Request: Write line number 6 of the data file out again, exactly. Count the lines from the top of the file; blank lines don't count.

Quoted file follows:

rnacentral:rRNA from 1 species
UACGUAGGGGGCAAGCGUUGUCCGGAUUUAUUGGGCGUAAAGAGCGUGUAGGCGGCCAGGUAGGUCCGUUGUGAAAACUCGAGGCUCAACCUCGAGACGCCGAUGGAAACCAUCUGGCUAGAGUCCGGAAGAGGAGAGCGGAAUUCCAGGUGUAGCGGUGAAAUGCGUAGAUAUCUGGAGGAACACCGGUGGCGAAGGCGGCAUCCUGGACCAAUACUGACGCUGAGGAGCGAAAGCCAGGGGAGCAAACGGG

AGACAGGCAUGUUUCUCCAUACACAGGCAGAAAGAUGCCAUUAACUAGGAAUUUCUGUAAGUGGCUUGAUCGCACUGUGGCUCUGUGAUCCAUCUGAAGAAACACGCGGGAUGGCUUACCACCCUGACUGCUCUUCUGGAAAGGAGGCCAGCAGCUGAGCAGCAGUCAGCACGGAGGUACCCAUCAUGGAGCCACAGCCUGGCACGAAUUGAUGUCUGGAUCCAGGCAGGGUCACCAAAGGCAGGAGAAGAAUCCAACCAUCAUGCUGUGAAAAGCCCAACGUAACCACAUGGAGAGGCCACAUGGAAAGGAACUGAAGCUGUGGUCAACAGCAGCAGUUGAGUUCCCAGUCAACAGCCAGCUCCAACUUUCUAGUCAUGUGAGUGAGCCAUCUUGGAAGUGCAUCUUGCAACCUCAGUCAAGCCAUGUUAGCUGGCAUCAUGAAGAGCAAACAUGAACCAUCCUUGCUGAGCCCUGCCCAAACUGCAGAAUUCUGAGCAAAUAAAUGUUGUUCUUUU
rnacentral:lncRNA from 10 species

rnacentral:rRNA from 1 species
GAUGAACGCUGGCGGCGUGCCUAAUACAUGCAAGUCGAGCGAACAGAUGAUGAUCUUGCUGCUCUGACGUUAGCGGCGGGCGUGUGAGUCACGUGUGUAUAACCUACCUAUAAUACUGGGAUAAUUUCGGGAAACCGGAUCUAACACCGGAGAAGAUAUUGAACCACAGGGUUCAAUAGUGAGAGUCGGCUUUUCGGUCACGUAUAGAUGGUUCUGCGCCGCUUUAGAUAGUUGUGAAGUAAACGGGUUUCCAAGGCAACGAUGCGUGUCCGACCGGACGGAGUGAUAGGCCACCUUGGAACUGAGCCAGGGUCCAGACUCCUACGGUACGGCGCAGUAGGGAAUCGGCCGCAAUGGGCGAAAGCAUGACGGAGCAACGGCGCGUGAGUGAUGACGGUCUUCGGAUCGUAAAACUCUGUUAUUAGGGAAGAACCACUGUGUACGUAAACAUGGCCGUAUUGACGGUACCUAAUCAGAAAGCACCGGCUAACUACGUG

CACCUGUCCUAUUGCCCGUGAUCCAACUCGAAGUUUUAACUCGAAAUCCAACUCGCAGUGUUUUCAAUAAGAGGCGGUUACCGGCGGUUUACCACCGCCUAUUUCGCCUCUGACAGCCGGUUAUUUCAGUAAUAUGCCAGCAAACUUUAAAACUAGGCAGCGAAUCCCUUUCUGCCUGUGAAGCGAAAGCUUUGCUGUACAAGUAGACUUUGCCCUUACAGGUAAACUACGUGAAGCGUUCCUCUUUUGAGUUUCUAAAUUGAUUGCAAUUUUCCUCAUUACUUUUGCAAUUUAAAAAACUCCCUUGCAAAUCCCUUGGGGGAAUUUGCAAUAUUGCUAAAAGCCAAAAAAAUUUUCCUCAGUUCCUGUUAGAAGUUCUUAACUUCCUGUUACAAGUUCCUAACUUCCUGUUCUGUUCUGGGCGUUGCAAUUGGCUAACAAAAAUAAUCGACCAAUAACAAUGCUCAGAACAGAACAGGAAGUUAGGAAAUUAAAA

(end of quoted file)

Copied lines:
GAUGAACGCUGGCGGCGUGCCUAAUACAUGCAAGUCGAGCGAACAGAUGAUGAUCUUGCUGCUCUGACGUUAGCGGCGGGCGUGUGAGUCACGUGUGUAUAACCUACCUAUAAUACUGGGAUAAUUUCGGGAAACCGGAUCUAACACCGGAGAAGAUAUUGAACCACAGGGUUCAAUAGUGAGAGUCGGCUUUUCGGUCACGUAUAGAUGGUUCUGCGCCGCUUUAGAUAGUUGUGAAGUAAACGGGUUUCCAAGGCAACGAUGCGUGUCCGACCGGACGGAGUGAUAGGCCACCUUGGAACUGAGCCAGGGUCCAGACUCCUACGGUACGGCGCAGUAGGGAAUCGGCCGCAAUGGGCGAAAGCAUGACGGAGCAACGGCGCGUGAGUGAUGACGGUCUUCGGAUCGUAAAACUCUGUUAUUAGGGAAGAACCACUGUGUACGUAAACAUGGCCGUAUUGACGGUACCUAAUCAGAAAGCACCGGCUAACUACGUG